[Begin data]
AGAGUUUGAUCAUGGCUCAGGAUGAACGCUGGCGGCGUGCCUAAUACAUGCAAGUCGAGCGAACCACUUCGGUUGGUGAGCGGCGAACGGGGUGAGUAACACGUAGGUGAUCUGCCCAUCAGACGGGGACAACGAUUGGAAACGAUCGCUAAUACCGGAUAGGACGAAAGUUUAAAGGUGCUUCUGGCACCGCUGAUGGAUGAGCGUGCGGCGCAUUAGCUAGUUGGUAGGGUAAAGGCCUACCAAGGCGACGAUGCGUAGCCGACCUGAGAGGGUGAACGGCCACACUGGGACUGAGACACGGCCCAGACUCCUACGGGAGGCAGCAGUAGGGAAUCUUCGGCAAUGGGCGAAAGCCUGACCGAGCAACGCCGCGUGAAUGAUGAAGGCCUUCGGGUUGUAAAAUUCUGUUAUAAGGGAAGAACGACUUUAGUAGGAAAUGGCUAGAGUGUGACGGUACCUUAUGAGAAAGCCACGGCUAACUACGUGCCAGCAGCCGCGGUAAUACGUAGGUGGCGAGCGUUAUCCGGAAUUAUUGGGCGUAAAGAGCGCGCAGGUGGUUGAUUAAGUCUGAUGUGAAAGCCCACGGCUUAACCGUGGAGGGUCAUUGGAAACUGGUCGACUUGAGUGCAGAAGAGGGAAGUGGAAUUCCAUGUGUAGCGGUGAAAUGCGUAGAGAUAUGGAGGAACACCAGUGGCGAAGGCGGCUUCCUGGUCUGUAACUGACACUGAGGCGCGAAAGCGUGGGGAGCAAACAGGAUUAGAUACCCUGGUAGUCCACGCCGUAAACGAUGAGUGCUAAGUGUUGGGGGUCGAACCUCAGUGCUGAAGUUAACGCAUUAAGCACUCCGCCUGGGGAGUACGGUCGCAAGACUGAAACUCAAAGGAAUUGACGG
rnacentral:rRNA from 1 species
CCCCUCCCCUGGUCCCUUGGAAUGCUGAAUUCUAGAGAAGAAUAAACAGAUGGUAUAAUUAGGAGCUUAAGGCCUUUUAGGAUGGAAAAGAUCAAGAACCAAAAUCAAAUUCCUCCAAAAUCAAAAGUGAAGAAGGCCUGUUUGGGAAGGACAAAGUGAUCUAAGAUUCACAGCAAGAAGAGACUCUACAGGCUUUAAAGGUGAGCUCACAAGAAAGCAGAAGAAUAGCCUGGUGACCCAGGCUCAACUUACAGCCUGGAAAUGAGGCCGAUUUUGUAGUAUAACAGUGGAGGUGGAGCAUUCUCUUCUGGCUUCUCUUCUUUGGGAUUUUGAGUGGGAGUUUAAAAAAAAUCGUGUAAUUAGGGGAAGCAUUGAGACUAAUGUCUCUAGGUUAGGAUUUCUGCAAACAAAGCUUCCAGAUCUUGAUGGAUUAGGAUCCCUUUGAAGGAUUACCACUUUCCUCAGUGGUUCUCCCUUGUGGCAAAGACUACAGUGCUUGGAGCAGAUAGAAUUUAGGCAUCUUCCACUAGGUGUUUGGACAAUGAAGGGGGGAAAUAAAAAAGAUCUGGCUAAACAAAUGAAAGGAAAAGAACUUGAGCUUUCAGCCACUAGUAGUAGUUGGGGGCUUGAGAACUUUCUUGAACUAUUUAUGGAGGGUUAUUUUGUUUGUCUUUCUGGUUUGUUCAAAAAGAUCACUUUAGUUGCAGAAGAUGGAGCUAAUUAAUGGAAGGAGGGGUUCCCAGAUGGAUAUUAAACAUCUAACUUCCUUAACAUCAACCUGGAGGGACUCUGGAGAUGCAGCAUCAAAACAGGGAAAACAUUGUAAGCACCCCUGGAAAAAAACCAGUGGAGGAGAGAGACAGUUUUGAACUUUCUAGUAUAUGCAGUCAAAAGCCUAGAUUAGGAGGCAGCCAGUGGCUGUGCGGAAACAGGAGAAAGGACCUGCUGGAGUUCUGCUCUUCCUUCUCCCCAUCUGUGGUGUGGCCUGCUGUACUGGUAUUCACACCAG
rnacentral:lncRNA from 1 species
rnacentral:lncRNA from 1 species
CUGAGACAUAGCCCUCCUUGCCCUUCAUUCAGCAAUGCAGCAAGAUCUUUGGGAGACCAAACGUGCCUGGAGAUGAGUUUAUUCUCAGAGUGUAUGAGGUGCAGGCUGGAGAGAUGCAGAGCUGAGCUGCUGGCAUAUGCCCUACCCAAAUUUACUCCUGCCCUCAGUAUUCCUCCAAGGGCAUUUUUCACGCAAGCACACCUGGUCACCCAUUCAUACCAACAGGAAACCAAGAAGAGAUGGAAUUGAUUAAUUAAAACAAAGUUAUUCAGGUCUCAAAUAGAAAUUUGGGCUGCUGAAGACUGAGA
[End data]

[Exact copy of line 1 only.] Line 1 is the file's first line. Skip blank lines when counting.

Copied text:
AGAGUUUGAUCAUGGCUCAGGAUGAACGCUGGCGGCGUGCCUAAUACAUGCAAGUCGAGCGAACCACUUCGGUUGGUGAGCGGCGAACGGGGUGAGUAACACGUAGGUGAUCUGCCCAUCAGACGGGGACAACGAUUGGAAACGAUCGCUAAUACCGGAUAGGACGAAAGUUUAAAGGUGCUUCUGGCACCGCUGAUGGAUGAGCGUGCGGCGCAUUAGCUAGUUGGUAGGGUAAAGGCCUACCAAGGCGACGAUGCGUAGCCGACCUGAGAGGGUGAACGGCCACACUGGGACUGAGACACGGCCCAGACUCCUACGGGAGGCAGCAGUAGGGAAUCUUCGGCAAUGGGCGAAAGCCUGACCGAGCAACGCCGCGUGAAUGAUGAAGGCCUUCGGGUUGUAAAAUUCUGUUAUAAGGGAAGAACGACUUUAGUAGGAAAUGGCUAGAGUGUGACGGUACCUUAUGAGAAAGCCACGGCUAACUACGUGCCAGCAGCCGCGGUAAUACGUAGGUGGCGAGCGUUAUCCGGAAUUAUUGGGCGUAAAGAGCGCGCAGGUGGUUGAUUAAGUCUGAUGUGAAAGCCCACGGCUUAACCGUGGAGGGUCAUUGGAAACUGGUCGACUUGAGUGCAGAAGAGGGAAGUGGAAUUCCAUGUGUAGCGGUGAAAUGCGUAGAGAUAUGGAGGAACACCAGUGGCGAAGGCGGCUUCCUGGUCUGUAACUGACACUGAGGCGCGAAAGCGUGGGGAGCAAACAGGAUUAGAUACCCUGGUAGUCCACGCCGUAAACGAUGAGUGCUAAGUGUUGGGGGUCGAACCUCAGUGCUGAAGUUAACGCAUUAAGCACUCCGCCUGGGGAGUACGGUCGCAAGACUGAAACUCAAAGGAAUUGACGG